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William Howard Day
*On this date, in 1825, William Day was born. He was a Black abolitionist, editor, educator, and minister.
From New York City, his mother, Eliza, was a founding member of the First AME Zion Church and an abolitionist. His father, John, was a sailmaker who fought in the War of 1812 and Algiers in 1815 and died when his son was four.
William Howard Day made an impression as a child on a white ink manufacturer who was an advocate of the abolitionist and temperance movement. He asked Mrs. Day to give him custody of William. This white family, known as the Willistons of Northampton, Massachusetts, raised him. Day enrolled at Oberlin College. After graduation, he spent the rest of his life campaigning for the rights of Blacks.
He became the secretary of the National Negro Convention in Cleveland in Sept. of 1848. He was a committee member along with Frederick Douglass and others who generated the "Address to the Colored People of America." In 1858, the Black citizens of Canada and the United States elected Day president of the National Board of Commissioners of the Colored People. He traveled to the United Kingdom in 1859, preaching at a large congregational church in Lincolnshire, England, and worked with the Young Men's Christian Association. While in England, he and several colleagues formed the African Aid Society. Day returned to the United States after the American Civil War and worked for the Freedmen's Bureau. He became an inspector of schools in Maryland and Delaware before being ordained a minister of the African Methodist Episcopal Church in 1867.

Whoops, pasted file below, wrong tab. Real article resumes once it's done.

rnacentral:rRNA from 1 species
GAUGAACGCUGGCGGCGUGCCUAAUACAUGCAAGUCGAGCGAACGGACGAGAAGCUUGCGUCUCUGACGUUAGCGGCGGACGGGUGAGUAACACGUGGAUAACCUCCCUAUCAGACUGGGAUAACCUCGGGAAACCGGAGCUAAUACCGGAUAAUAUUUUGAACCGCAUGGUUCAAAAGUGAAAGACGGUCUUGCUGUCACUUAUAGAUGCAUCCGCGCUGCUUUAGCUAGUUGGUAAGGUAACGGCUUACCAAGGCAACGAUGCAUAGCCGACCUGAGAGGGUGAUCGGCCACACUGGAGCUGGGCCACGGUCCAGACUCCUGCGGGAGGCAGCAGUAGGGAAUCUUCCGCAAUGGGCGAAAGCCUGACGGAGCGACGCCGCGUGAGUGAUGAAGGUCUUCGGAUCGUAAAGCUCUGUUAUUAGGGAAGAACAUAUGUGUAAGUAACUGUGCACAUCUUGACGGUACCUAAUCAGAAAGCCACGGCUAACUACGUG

In 1878 Day was elected school director in Harrisburg, Pennsylvania. He was the first colored school board member and president. He won reelection in 1881, retaining his position on the board until 1884. Though he did not seek reelection in 1884, the public appealed for his return in 1887, and he was easily elected to another three years as Harrisburg School Board president. In 1879, during his tenure, he also helped open Livingstone College with J.C. Price, William H. Goler, and Solomon Porter Hood.
Established in Salisbury, NC, for colored students, this institution remains a historic black college. In The Rising Sun, Dr. William Wells Brown praised Day's professional conduct: "As a speaker, Mr. Day may be regarded as one of the most effective of the present time; has great self-possession and gaiety of imagination; is rich in the selection of his illustrations, well versed in history, literature, science, and philosophy, and can draw on his finely-stored memory at will."
Day died in Harrisburg on December 3, 1900, at 75. William Howard Day Cemetery was established in nearby Steelton in the 1900s as a burial place for all people, including people of color who were denied burial at the nearby Baldwin Cemetery. It remains a popular burial site for local African American families.